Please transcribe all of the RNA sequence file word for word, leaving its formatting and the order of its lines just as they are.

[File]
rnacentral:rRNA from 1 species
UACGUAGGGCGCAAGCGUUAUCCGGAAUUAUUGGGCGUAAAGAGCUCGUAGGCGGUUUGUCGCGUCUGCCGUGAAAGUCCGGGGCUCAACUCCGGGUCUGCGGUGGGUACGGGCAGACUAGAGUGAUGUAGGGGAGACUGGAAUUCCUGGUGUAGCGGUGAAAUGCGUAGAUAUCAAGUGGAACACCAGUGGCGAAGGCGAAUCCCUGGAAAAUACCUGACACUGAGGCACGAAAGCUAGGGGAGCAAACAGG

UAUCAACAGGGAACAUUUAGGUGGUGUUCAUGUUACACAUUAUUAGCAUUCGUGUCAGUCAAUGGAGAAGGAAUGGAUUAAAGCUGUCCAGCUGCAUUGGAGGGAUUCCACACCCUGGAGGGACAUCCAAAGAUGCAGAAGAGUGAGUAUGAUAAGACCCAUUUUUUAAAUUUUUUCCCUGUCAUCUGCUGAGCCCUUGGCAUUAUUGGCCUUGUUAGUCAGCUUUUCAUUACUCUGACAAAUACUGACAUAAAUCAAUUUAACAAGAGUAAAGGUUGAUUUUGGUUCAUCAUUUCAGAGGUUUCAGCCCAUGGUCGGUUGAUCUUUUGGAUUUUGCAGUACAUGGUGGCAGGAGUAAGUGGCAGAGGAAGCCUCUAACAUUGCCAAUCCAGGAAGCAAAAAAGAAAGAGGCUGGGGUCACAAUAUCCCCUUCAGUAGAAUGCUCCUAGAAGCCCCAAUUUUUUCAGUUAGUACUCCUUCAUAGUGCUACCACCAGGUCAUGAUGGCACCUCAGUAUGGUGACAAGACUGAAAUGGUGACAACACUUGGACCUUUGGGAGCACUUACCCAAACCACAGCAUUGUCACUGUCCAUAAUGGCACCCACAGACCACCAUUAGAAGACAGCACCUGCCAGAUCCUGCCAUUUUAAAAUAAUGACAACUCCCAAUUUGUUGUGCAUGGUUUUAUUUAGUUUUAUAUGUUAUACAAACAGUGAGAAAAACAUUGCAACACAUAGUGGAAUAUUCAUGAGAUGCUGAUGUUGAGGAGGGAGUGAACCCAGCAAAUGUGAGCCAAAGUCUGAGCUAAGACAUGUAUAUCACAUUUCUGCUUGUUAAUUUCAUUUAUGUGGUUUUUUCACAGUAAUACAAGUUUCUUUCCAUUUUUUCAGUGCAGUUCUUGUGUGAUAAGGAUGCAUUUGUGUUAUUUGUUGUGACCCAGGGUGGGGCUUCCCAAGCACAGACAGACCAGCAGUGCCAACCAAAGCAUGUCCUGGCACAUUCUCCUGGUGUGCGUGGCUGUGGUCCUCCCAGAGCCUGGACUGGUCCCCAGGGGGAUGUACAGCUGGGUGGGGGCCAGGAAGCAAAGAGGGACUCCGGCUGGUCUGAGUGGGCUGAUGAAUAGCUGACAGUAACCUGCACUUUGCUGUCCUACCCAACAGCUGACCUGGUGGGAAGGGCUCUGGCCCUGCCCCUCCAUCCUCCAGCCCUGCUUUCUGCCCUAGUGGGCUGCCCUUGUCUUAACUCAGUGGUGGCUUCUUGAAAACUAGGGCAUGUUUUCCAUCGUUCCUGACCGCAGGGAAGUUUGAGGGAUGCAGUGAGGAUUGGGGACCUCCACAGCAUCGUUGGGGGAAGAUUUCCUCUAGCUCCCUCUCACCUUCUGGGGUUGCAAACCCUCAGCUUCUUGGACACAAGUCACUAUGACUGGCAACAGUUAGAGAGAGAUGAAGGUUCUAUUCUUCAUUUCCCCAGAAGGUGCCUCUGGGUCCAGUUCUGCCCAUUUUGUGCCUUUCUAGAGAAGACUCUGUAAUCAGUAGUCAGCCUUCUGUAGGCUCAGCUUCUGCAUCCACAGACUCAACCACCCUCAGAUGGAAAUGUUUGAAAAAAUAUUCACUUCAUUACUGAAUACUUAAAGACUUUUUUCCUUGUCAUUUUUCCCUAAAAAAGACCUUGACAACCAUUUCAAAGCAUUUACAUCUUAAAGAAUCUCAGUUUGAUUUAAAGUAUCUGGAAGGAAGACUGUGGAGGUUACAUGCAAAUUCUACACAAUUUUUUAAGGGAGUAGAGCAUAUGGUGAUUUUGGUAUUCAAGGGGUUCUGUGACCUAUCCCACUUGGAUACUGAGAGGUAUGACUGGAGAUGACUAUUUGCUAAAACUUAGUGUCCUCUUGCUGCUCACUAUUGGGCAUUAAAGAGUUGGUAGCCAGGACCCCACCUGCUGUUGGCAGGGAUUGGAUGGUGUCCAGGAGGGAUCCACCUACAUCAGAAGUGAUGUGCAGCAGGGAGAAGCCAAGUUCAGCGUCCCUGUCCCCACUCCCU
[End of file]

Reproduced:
rnacentral:rRNA from 1 species
UACGUAGGGCGCAAGCGUUAUCCGGAAUUAUUGGGCGUAAAGAGCUCGUAGGCGGUUUGUCGCGUCUGCCGUGAAAGUCCGGGGCUCAACUCCGGGUCUGCGGUGGGUACGGGCAGACUAGAGUGAUGUAGGGGAGACUGGAAUUCCUGGUGUAGCGGUGAAAUGCGUAGAUAUCAAGUGGAACACCAGUGGCGAAGGCGAAUCCCUGGAAAAUACCUGACACUGAGGCACGAAAGCUAGGGGAGCAAACAGG

UAUCAACAGGGAACAUUUAGGUGGUGUUCAUGUUACACAUUAUUAGCAUUCGUGUCAGUCAAUGGAGAAGGAAUGGAUUAAAGCUGUCCAGCUGCAUUGGAGGGAUUCCACACCCUGGAGGGACAUCCAAAGAUGCAGAAGAGUGAGUAUGAUAAGACCCAUUUUUUAAAUUUUUUCCCUGUCAUCUGCUGAGCCCUUGGCAUUAUUGGCCUUGUUAGUCAGCUUUUCAUUACUCUGACAAAUACUGACAUAAAUCAAUUUAACAAGAGUAAAGGUUGAUUUUGGUUCAUCAUUUCAGAGGUUUCAGCCCAUGGUCGGUUGAUCUUUUGGAUUUUGCAGUACAUGGUGGCAGGAGUAAGUGGCAGAGGAAGCCUCUAACAUUGCCAAUCCAGGAAGCAAAAAAGAAAGAGGCUGGGGUCACAAUAUCCCCUUCAGUAGAAUGCUCCUAGAAGCCCCAAUUUUUUCAGUUAGUACUCCUUCAUAGUGCUACCACCAGGUCAUGAUGGCACCUCAGUAUGGUGACAAGACUGAAAUGGUGACAACACUUGGACCUUUGGGAGCACUUACCCAAACCACAGCAUUGUCACUGUCCAUAAUGGCACCCACAGACCACCAUUAGAAGACAGCACCUGCCAGAUCCUGCCAUUUUAAAAUAAUGACAACUCCCAAUUUGUUGUGCAUGGUUUUAUUUAGUUUUAUAUGUUAUACAAACAGUGAGAAAAACAUUGCAACACAUAGUGGAAUAUUCAUGAGAUGCUGAUGUUGAGGAGGGAGUGAACCCAGCAAAUGUGAGCCAAAGUCUGAGCUAAGACAUGUAUAUCACAUUUCUGCUUGUUAAUUUCAUUUAUGUGGUUUUUUCACAGUAAUACAAGUUUCUUUCCAUUUUUUCAGUGCAGUUCUUGUGUGAUAAGGAUGCAUUUGUGUUAUUUGUUGUGACCCAGGGUGGGGCUUCCCAAGCACAGACAGACCAGCAGUGCCAACCAAAGCAUGUCCUGGCACAUUCUCCUGGUGUGCGUGGCUGUGGUCCUCCCAGAGCCUGGACUGGUCCCCAGGGGGAUGUACAGCUGGGUGGGGGCCAGGAAGCAAAGAGGGACUCCGGCUGGUCUGAGUGGGCUGAUGAAUAGCUGACAGUAACCUGCACUUUGCUGUCCUACCCAACAGCUGACCUGGUGGGAAGGGCUCUGGCCCUGCCCCUCCAUCCUCCAGCCCUGCUUUCUGCCCUAGUGGGCUGCCCUUGUCUUAACUCAGUGGUGGCUUCUUGAAAACUAGGGCAUGUUUUCCAUCGUUCCUGACCGCAGGGAAGUUUGAGGGAUGCAGUGAGGAUUGGGGACCUCCACAGCAUCGUUGGGGGAAGAUUUCCUCUAGCUCCCUCUCACCUUCUGGGGUUGCAAACCCUCAGCUUCUUGGACACAAGUCACUAUGACUGGCAACAGUUAGAGAGAGAUGAAGGUUCUAUUCUUCAUUUCCCCAGAAGGUGCCUCUGGGUCCAGUUCUGCCCAUUUUGUGCCUUUCUAGAGAAGACUCUGUAAUCAGUAGUCAGCCUUCUGUAGGCUCAGCUUCUGCAUCCACAGACUCAACCACCCUCAGAUGGAAAUGUUUGAAAAAAUAUUCACUUCAUUACUGAAUACUUAAAGACUUUUUUCCUUGUCAUUUUUCCCUAAAAAAGACCUUGACAACCAUUUCAAAGCAUUUACAUCUUAAAGAAUCUCAGUUUGAUUUAAAGUAUCUGGAAGGAAGACUGUGGAGGUUACAUGCAAAUUCUACACAAUUUUUUAAGGGAGUAGAGCAUAUGGUGAUUUUGGUAUUCAAGGGGUUCUGUGACCUAUCCCACUUGGAUACUGAGAGGUAUGACUGGAGAUGACUAUUUGCUAAAACUUAGUGUCCUCUUGCUGCUCACUAUUGGGCAUUAAAGAGUUGGUAGCCAGGACCCCACCUGCUGUUGGCAGGGAUUGGAUGGUGUCCAGGAGGGAUCCACCUACAUCAGAAGUGAUGUGCAGCAGGGAGAAGCCAAGUUCAGCGUCCCUGUCCCCACUCCCU